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Basic WCF Client Injection Tutorial

This tutorial aims to illustrate the usage of the WCF Client Injection extension to Unity 1.2 that can be found in the DigitallyCreated.Utilities.Unity assembly. It expects you to know C#, WCF and Unity.

The purpose of the WCF Client Injection extension to Unity is to allow you to easily get Unity to inject a WCF proxy when you ask for a concrete instance of the service interface. For example, if you had the following interface...

[ServiceContract]
public interface IMyService
{
    [OperationContract]
    int GetRandomNumber(int maxLimit);
}

...you could get Unity to inject a WCF proxy to the WCF service that runs a service by that contract by simply going:

IMyService myService = myUnityContainer.Resolve<IMyService>();

And the beauty is that you could then get Unity to inject any other concrete class that implements IMyService there too, just by changing the configuration. So maybe that same Resolve call above would return this concrete class instead of a WCF proxy:

public class MyService : IMyService
{
    public int GetRandomNumber(int maxLimit)
    {
        Random random = new Random();
        return random.Next(maxLimit);
    }
}

So how do we set this WCF client injection up to happen in Unity?

XML Configuration

The best, easiest and most configurable way to set up WCF proxy injection is a little configuration in your Unity XML configuration:

<unity>
    <containers>

        <container>

            <extensions>
                <add type="DigitallyCreated.Utilities.Unity.WcfProxyContainerExtension, DigitallyCreated.Utilities.Unity" />
            </extensions>

            <extensionConfig>

                <add name="WcfProxyContainerExtensionConfig"
                     type="DigitallyCreated.Utilities.Unity.Configuration.WcfProxyExtensionConfigurationElement, DigitallyCreated.Utilities.Unity">
                    <serviceInterfaces>

                        <serviceInterface type="MyServices.IMyService, MyServicesAssembly"
                                          endpointConfiguration="MyServiceEndpoint" />

                    </serviceInterfaces>
                </add>

            </extensionConfig>
        </container>

    </containers>
</unity>

Let's step through that blast of XML piece by piece. In the extensions element we're telling Unity about this extension to its default functionality. Then, in extensionConfig (which is where Unity lets extensions configure themselves) we're declaring a new configuration with the add tag. The name specified there is arbitrary. The type specified is the .NET class that the .NET Configuration system (System.Configuration) will use to deserialize the configuration (in this case, the extension's class).
The serviceInterfaces element inside the add gives us a place to start declaring our service interfaces (using serviceInterface elements). For this example, we're declaring that we want Unity to give us a WCF proxy when we ask for the IMyService interface. We also say that we want that service client proxy class to be configured with the settings defined in the "MyServiceEndpoint" configuration that we've defined elsewhere in our XML configuration (a standard part of WCF service client configuration; done inside the familiar system.ServiceModel tag).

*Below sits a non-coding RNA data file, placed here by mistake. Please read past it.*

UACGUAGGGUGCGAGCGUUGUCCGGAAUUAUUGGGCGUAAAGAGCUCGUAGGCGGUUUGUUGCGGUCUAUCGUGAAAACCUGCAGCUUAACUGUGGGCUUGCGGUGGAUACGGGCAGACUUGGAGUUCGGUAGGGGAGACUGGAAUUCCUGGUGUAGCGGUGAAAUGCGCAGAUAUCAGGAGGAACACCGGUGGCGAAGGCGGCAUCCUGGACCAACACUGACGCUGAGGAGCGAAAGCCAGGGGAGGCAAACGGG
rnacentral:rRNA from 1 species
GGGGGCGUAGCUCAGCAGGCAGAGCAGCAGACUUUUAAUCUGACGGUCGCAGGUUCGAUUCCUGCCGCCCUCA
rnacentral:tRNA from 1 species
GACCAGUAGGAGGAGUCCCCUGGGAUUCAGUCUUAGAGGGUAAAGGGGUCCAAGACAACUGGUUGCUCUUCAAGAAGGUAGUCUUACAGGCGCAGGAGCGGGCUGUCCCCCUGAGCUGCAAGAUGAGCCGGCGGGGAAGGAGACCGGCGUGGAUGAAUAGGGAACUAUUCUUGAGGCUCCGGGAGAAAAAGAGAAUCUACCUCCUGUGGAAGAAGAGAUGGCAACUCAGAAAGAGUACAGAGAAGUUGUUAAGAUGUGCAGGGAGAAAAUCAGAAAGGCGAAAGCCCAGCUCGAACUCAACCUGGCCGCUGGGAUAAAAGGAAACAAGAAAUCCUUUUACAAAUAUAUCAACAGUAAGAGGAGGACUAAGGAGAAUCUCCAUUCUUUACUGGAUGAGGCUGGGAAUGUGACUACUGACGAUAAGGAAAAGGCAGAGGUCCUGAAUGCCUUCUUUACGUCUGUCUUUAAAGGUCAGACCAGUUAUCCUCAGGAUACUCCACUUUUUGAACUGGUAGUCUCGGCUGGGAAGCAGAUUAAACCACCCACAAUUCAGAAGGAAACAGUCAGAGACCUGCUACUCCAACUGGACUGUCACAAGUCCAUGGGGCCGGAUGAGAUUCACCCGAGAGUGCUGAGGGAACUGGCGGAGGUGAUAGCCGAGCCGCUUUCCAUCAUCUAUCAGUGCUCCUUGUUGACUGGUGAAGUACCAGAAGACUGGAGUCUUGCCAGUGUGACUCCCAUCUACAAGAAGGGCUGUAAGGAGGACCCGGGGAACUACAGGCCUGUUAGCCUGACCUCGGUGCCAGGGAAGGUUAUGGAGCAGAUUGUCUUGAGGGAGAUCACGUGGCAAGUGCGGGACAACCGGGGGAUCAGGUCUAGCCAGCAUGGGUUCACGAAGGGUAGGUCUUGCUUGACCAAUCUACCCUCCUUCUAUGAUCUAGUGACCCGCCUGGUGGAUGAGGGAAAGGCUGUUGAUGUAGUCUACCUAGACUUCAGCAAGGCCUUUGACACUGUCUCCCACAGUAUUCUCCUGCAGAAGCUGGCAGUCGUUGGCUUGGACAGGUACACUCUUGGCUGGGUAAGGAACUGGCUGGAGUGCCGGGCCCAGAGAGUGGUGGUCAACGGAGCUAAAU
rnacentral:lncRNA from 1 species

If you'd like to be able to register the WCF interface with Unity with a certain name so that you can do this...

IMyService myService = myUnityContainer.Resolve<IMyService>("MyMappingName");

... you can. Simply change the serviceInterface declaration to be this:

<serviceInterface type="MyServices.IMyService, MyServicesAssembly"
                  name="MyMappingName"
                  endpointConfiguration="MyServiceEndpoint" />

Note the inclusion of the name attribute.

Gotchas

WCF clients are IDisposable and should disposed when you're finished with them. But if Unity just gives you an IMyServiceInterface, how are you to know whether it's a WCF service client, or something else (you're not supposed to know, this is dependency injection). The easiest way to deal with this is to use some smart disposer code like this:

/// <summary>
/// The SmartDisposer class is a utility class that contains a method that implements
/// disposing functionality
/// </summary>
public static class SmartDisposer
{
    /// <summary>
    /// This method disposes an object if it is <see cref="IDisposable"/> and if it is safe to do so
    /// </summary>
    /// <remarks>
    /// The method will not dispose the object if it is a WCF client that is faulted, since that
    /// will cause an exception to be thrown.
    /// </remarks>
    /// <param name="obj">The object to dispose</param>
    public static void Dispose(object obj)
    {
        IDisposable disposable = obj as IDisposable;
        if (disposable != null)
        {
            //If its a WCF client, don't try to dispose of it if its faulted or else you'll cause
            //an exception that'll suppress the display of exception that caused the fault in the 
            //first place
            if (obj is ICommunicationObject && ((ICommunicationObject)obj).State == CommunicationState.Faulted)
                return;

            disposable.Dispose();
        }
    }
}

So when you're done with your IMyService, run SmartDisposer.Dispose on it. If it's a WCF client, it'll be disposed safely, if not, it won't be disposed at all, which keeps the rest of your code oblivious to what IMyService really is.

Last edited Mar 22, 2010 at 8:28 AM by dchambers, version 2

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